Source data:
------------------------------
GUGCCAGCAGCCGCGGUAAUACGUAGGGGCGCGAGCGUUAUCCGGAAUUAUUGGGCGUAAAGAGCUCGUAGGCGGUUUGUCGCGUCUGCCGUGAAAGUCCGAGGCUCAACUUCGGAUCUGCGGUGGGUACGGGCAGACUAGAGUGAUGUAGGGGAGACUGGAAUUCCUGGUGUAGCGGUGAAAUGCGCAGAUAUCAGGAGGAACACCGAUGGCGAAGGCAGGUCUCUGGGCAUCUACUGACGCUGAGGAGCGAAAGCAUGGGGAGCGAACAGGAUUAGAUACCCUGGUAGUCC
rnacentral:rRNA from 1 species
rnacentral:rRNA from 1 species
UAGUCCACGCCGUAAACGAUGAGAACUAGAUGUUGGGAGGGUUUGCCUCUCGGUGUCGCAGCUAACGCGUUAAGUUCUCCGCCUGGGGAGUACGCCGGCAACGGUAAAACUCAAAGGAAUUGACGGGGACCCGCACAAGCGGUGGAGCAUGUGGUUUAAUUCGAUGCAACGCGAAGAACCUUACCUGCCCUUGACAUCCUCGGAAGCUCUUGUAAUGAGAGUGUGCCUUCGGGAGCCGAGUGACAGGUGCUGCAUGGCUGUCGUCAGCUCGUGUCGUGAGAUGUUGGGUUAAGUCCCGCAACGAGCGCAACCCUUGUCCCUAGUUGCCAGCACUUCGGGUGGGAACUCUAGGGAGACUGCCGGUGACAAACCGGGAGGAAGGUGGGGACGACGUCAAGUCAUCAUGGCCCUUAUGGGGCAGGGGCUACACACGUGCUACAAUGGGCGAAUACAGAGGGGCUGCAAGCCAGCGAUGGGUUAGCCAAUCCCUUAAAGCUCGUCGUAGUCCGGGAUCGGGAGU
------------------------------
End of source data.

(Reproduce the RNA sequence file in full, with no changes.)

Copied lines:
GUGCCAGCAGCCGCGGUAAUACGUAGGGGCGCGAGCGUUAUCCGGAAUUAUUGGGCGUAAAGAGCUCGUAGGCGGUUUGUCGCGUCUGCCGUGAAAGUCCGAGGCUCAACUUCGGAUCUGCGGUGGGUACGGGCAGACUAGAGUGAUGUAGGGGAGACUGGAAUUCCUGGUGUAGCGGUGAAAUGCGCAGAUAUCAGGAGGAACACCGAUGGCGAAGGCAGGUCUCUGGGCAUCUACUGACGCUGAGGAGCGAAAGCAUGGGGAGCGAACAGGAUUAGAUACCCUGGUAGUCC
rnacentral:rRNA from 1 species
rnacentral:rRNA from 1 species
UAGUCCACGCCGUAAACGAUGAGAACUAGAUGUUGGGAGGGUUUGCCUCUCGGUGUCGCAGCUAACGCGUUAAGUUCUCCGCCUGGGGAGUACGCCGGCAACGGUAAAACUCAAAGGAAUUGACGGGGACCCGCACAAGCGGUGGAGCAUGUGGUUUAAUUCGAUGCAACGCGAAGAACCUUACCUGCCCUUGACAUCCUCGGAAGCUCUUGUAAUGAGAGUGUGCCUUCGGGAGCCGAGUGACAGGUGCUGCAUGGCUGUCGUCAGCUCGUGUCGUGAGAUGUUGGGUUAAGUCCCGCAACGAGCGCAACCCUUGUCCCUAGUUGCCAGCACUUCGGGUGGGAACUCUAGGGAGACUGCCGGUGACAAACCGGGAGGAAGGUGGGGACGACGUCAAGUCAUCAUGGCCCUUAUGGGGCAGGGGCUACACACGUGCUACAAUGGGCGAAUACAGAGGGGCUGCAAGCCAGCGAUGGGUUAGCCAAUCCCUUAAAGCUCGUCGUAGUCCGGGAUCGGGAGU